May 19, 2022
A long history of quality firearm design has earned CZ a preeminent place among today’s arms makers. The success of the CZ polymer-frame P-10 full-size, compact and subcompact pistols continues with the introduction of the micro-compact P-10 M. This newest offering defines the mission for an even smaller class of 9mm pistol meant to be easily and deeply concealed, with few snag points during a draw. The P-10 M can do all the normal concealed-carry chores as well as home defense and especially backup.
The 7+1 shot P-10 M further shrinks CZ’s subcompact 12+1 shot P-10 S into an even lighter, shorter and narrower 9mm pistol. Being well-armed may require a secondary “insurance” pistol carried elsewhere on the body in case the primary fails or becomes disabled in the fight. Very light summer clothing may require a gun with fewer projections to be less obvious. These are roles the P-10 M fills nicely with its lightweight and simple, smooth skin while still being in a major caliber.
There are no external controls except for the magazine release and safety lever in the center of the trigger. The mag release is easy and natural to acquire and shaped to preclude unintended activation.
Without an external safety, takedown levers or slide release, the width of the pistol is only one inch. The slightly staggered seven-round magazine keeps the height down to 4.3 inches, and weight unloaded is only 20.1 ounces. Fully loaded weight with 7+1 rounds of Hornady 115-grain FTX on board is 23.4 ounces.
The low-profile sights are of the three-dot variety and treated to give off a green glow after exposure to light. The sight radius is a short 5.45 inches. Both sights are fitted into dovetails and locked in place from the top by a small Allen head setscrew. The front sight screw requires a 0.050-inch Allen wrench, and the rear sight a 1.5mm. Neither tool is included, but Brownells has them.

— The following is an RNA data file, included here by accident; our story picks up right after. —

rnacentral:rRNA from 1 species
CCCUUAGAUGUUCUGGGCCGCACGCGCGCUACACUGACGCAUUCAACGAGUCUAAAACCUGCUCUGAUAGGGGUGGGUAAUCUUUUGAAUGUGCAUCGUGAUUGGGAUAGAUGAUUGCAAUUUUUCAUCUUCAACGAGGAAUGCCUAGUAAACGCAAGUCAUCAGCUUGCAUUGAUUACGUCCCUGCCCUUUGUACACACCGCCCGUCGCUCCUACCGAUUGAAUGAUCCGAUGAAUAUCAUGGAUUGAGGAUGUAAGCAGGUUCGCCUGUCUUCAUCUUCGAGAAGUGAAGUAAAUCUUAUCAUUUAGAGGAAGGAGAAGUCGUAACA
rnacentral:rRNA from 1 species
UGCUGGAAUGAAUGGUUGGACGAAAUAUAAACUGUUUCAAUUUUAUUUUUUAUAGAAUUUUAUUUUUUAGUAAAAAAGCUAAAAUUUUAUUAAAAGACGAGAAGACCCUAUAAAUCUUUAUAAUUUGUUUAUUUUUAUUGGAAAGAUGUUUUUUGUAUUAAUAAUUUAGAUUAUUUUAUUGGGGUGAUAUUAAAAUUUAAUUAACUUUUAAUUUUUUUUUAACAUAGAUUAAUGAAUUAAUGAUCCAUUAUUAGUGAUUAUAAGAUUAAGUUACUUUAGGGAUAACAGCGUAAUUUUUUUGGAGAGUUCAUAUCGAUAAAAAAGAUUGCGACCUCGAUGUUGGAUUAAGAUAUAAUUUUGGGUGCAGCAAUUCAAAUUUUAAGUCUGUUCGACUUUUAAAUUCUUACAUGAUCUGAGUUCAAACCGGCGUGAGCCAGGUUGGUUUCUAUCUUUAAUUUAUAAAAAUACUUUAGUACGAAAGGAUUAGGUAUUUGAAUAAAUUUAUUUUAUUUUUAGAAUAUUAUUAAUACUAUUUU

Initially sighted in at the factory, CZ suggests adjusting windage at the rear, and adjusting elevation by exchanging the front sight if necessary. The front sight blades are numbered by height.
Only the commonly found safety lever in the center of the trigger prevents accidental discharge, along with a slightly heavy pull-weight of seven pounds. The very large, squared-off trigger guard—a signature feature of the P-10 pistols—is present but looks a little funny on a deep concealment arm. Of the several “universal” holsters on hand, none would accept the pistol due to the trigger guard’s shape.
The trigger guard strap is narrow, and because the only external safety is on the face of the trigger, I believe a hard-shell plastic or form-fitted leather holster—and one without a retention strap of any kind—would be the safest holster to use rather than any of the soft leather or synthetic inside-the-waistband types popular for deep carry, especially when holstering.
Bullets are launched from a 3.19-inch cold-hammer-forged barrel. The slide serrations placed fore and aft provide ample slip-free purchase operating the slide. The barrel and slide are given a corrosion-resistant matte-black nitride finish.
Sharp, aggressive frame texturing on the front and backstraps provide a no-slip grip, but I found they became uncomfortable approaching the 75-round mark. At first I was hesitant to suggest modifying the texture. For me to shoot this gun well, a tight grip is necessary, and the sharp texture keeps the gun locked in my hand.
The texture is especially welcome in hot weather as the plastic got slippery with sweat during the last days of summer. But after several sessions, I believe reducing the sharpness will be advisable. The other choice is limiting practice sessions to just 50 or 60 rounds and stopping before the texturing imbues a memory of discomfort. The texture on the sides is not sharp, so it shouldn’t need smoothing to be holstered comfortably.
The pistol is striker-fired with a trigger of the reset type, and it gives a slightly audible “click” and then a louder secondary click when reset to fire again. That secondary pull feels crisper than if the trigger is allowed to return fully, but I otherwise can’t feel any difference in pull weight as I can with some similar triggers.
The magazine is a bit odd, being slightly staggered beginning one-third of the way down, holding seven rounds with a quarter-inch extension at the base. Inserted, it gives all three fingers’ purchase, but it can give the pinky quite a pinch during rapid mag changes, as I found to my distress. The good news is all seven rounds can be inserted by finger pressure alone.
The mag catch is unobtrusive yet easy to reach. The magazines rocket out even after locking the slide back, and the only way to lock the slide open is by firing the gun dry or inserting an empty mag and drawing the slide to the rear.
The mag catch is reversible and requires a T8 Torx tool to change. The tool is not included, but Brownells has the bit for its Magna-Tip screwdriver.
After inserting a fresh mag, a tug on the slide frees the slide stop to retract and allows the slide to go into battery. The magazine must be dropped slightly or removed to release the slide over an empty chamber, and the gun will fire with the magazine removed. Should a magazine stick, both the frame and magazine pad have matching scallops to give your thumb and forefinger purchase to pluck them out.